/This is the twelfth part of the series on the Road Trip larp project. If you want to start from the first post, it is #116.
We drove 4,000 km over the course of a week. That alone would make some people comment on driver exhaustion as a safety risk. But apart from the obvious, there were some parts of Road Trip that were not exactly “safe”.
We did our best to be completely transparent with our participants about the safety aspects, and tried to neither sugarcoat nor patronize. We did our best to be realistic about this being a larp that wasn’t as safe as most larps are, but also not make people unduly afraid.
Rest assured – everyone who was part of this project knew reasonably well what they were getting into, even though none of us could be said to truly know what we were getting into. And with that important duality stated, and since this series follows a Ten Lessons format, I’d like to share Ten Lessons Learned About Safety And Risks From The Road Trip Larp
- The real world isn’t as safe as our pretend ones. We’re pretty adept at creating small bubbles of safer space. They’re by no means perfect, but on average they’re quite nice compared to most parts of the so-called “normal” world.
- This is even more true when you’re on unfamiliar turf. We would be hitting places none of us had been to before, interacting with strangers in bars, on streets and in (sometimes shady) hotels. And to make it worse, we were adopting larger-than-life personalities.
- Our characters were more reckless than we were. Claus would never approach a biker gang asking for a photo with them. Rick Stevenson, my body double, not only would, but did. This led to amazing experiences, but didn’t exactly make for improved safety. We all tackled this differently, of course, but overall, we were wilder ingame than offgame.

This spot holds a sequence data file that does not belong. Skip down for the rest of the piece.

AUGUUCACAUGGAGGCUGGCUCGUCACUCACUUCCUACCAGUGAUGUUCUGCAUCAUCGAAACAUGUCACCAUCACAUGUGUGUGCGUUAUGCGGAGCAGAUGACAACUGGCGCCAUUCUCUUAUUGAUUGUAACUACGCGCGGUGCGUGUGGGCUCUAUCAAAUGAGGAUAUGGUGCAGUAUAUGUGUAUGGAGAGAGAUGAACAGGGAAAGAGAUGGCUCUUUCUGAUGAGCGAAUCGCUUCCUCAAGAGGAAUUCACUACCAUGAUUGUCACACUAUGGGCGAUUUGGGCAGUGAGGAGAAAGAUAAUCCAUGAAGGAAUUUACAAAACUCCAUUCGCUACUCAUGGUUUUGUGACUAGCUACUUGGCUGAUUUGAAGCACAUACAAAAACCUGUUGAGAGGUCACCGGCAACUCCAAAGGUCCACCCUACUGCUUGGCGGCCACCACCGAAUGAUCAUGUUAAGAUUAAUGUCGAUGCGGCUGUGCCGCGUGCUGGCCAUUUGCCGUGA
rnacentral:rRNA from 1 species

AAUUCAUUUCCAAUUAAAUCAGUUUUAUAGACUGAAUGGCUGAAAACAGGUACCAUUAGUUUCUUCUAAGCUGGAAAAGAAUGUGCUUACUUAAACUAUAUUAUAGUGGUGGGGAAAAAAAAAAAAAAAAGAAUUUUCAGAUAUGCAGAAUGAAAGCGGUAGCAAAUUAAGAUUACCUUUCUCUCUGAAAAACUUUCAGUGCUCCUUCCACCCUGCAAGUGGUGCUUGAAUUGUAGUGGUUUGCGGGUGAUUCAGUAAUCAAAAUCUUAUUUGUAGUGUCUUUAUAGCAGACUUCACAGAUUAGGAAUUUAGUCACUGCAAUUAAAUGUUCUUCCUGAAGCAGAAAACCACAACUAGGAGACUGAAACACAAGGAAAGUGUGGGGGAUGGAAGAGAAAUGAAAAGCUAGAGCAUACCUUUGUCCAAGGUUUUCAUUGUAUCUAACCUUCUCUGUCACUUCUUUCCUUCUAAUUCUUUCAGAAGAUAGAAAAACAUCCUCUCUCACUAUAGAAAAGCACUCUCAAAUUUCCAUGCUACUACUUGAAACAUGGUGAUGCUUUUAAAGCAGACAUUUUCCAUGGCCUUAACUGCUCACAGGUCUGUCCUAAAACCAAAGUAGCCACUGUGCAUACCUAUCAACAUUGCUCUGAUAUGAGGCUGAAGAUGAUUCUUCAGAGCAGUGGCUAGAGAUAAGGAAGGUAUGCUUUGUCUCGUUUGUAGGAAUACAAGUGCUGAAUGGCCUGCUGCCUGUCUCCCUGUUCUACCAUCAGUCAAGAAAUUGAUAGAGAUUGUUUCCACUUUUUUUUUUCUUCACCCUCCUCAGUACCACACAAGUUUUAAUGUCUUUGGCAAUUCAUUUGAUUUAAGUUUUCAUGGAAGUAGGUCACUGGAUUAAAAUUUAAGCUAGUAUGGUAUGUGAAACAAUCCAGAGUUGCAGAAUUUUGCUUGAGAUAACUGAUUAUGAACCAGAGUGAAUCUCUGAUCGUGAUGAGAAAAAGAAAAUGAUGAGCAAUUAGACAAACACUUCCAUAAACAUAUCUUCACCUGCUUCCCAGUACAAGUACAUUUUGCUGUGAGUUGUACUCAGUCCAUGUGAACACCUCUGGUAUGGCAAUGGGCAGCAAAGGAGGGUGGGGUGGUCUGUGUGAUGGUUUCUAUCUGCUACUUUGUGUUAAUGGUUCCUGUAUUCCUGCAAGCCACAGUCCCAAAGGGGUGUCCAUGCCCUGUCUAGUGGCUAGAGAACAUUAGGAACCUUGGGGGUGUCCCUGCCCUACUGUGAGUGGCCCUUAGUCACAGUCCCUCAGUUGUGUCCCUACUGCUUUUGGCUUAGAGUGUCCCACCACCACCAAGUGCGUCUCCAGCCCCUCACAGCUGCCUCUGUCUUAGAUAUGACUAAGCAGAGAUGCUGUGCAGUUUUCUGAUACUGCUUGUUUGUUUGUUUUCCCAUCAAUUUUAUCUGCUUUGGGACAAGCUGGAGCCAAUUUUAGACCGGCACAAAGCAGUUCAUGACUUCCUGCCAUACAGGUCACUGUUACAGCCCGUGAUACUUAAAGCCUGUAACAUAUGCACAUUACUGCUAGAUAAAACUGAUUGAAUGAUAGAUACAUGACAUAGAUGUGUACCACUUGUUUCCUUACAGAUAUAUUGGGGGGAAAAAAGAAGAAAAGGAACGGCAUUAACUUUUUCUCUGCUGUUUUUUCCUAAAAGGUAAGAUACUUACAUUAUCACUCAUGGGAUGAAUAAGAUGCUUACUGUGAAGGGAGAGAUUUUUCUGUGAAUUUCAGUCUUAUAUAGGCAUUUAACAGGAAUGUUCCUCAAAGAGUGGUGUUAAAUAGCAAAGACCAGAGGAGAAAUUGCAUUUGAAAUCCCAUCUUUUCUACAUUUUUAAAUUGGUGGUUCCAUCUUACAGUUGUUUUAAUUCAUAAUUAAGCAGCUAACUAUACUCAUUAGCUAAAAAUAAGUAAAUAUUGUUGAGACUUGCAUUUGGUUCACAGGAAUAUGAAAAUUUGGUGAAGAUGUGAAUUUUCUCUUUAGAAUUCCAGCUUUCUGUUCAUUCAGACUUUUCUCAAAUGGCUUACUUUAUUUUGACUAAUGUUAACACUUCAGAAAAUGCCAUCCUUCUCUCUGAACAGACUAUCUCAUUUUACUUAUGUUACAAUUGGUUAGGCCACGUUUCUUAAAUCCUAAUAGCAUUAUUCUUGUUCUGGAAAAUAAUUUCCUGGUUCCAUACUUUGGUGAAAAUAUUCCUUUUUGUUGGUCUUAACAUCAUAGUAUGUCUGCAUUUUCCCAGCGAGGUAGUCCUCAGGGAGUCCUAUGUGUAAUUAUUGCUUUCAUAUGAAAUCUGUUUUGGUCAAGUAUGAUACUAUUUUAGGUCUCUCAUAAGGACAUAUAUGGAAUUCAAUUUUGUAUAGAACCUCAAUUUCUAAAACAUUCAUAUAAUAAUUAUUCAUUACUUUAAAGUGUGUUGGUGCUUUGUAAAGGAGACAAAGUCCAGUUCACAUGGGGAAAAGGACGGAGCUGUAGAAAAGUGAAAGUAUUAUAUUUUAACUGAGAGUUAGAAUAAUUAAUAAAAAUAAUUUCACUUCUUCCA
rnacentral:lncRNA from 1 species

- We were always at risk of being exposed. The chances were minimal, but there. We don’t know how people would react if they found out we were faking it, but it’s undeniable that some might have gotten pissed off. That never happened, but that doesn’t mean that it wasn’t a possibility we were all aware of.
- Real safety is different from perceived safety. According to statistics, Moscow is much safer than Paris. I still have no qualms going to Paris, but am a bit afraid of Moscow. Some have accused us of being crazily irresponsible for doing Road Trip, while others find it no more risky than a normal trip down Route 66.
- Behaviour guidelines were a big hit. Before the larp, we told the participants what sort of actions were not a good idea in public, and they were very good at sticking to that. There were few shouting matches, no violent behaviour, etc. Quite unlike most larps, which tend to get a bit crazy!
- The players themselves worried us a bit. Due to the nature of the larp, there would be close proximity to strangers for a week, with little chance to get away. Sure, we had an offgame van, but it was still a gamble that everyone would get along. Luckily, our participants were rockstars in this respect. No issues with them at all. Heroes!
- Things often seem more scary at a distance. I’ve now interviewed a guy with a gun sticking out of his pocket. I’ve dealt with shady characters in New Mexico. I’ve gone to a diner at midnight where one of our participants was legitimately worried about knife fights. When you’re close to things, they’re often less scary.
- The flexible nature of the larp helped a lot. Let’s say we’d had an engine break down, and had gotten stuck on the road. Disaster for a real band. Here, it would have been just another cool scene with potential for lots of drama. Going on a road trip where there’s no way things can “go wrong” (because wrong can be good) was inspirational.
- We were most afraid of boredom. Not of getting shot or cheated or robbed or stuck somewhere by the roadside. What we’d worried about above all else was “Will the players be bored?”. It turned out that they weren’t, but I think it’s worth pointing out that fact. I’ve done plenty of projects where we worried about safety a lot. This wasn’t one.
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